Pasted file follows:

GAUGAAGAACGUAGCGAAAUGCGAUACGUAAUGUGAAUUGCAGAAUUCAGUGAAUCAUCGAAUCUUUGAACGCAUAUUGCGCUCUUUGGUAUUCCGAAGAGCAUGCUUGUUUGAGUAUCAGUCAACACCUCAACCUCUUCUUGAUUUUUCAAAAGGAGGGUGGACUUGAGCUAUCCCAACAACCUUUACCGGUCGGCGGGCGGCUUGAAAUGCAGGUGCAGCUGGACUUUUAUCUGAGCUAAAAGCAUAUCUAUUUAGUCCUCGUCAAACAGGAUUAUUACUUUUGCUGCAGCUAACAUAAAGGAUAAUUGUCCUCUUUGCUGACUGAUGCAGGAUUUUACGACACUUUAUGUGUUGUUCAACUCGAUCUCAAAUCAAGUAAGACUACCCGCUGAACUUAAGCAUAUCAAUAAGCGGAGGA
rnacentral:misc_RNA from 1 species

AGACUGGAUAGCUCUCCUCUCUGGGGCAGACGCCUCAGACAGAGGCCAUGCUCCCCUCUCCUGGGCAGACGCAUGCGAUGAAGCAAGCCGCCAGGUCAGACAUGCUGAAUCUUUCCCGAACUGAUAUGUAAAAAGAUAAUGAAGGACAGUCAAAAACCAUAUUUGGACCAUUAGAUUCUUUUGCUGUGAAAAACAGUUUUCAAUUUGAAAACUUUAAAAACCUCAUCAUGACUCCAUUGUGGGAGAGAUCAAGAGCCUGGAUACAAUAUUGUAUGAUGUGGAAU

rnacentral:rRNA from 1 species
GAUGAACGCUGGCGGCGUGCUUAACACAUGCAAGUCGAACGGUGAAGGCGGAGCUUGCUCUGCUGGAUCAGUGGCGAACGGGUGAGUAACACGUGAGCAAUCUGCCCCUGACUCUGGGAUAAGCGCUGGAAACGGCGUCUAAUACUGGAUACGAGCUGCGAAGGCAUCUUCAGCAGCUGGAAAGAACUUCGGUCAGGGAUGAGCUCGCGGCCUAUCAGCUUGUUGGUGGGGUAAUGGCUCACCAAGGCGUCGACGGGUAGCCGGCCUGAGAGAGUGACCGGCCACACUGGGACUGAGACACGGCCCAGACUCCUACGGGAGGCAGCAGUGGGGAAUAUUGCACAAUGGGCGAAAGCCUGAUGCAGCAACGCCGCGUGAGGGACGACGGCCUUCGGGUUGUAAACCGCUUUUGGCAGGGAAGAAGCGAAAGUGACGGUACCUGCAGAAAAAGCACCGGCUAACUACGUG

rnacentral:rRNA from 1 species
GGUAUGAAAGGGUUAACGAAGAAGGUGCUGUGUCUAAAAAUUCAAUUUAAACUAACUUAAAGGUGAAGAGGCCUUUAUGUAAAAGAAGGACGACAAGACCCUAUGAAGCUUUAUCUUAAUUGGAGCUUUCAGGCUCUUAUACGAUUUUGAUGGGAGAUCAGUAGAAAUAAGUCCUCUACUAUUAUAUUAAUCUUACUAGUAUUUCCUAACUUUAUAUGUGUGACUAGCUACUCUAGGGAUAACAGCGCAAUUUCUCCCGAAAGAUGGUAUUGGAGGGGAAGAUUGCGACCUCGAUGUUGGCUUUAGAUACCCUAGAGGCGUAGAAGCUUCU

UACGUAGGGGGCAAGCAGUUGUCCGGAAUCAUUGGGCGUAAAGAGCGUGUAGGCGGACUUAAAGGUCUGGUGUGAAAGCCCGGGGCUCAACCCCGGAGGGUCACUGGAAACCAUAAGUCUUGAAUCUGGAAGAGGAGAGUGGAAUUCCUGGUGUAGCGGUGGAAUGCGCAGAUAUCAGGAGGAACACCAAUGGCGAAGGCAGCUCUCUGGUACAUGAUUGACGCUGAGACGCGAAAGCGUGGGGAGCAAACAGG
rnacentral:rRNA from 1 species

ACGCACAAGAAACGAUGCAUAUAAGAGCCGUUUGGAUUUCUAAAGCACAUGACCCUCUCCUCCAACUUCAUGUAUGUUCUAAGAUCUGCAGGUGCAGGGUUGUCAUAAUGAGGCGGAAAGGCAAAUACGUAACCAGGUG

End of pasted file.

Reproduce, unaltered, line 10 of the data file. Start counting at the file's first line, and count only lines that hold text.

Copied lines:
ACGCACAAGAAACGAUGCAUAUAAGAGCCGUUUGGAUUUCUAAAGCACAUGACCCUCUCCUCCAACUUCAUGUAUGUUCUAAGAUCUGCAGGUGCAGGGUUGUCAUAAUGAGGCGGAAAGGCAAAUACGUAACCAGGUG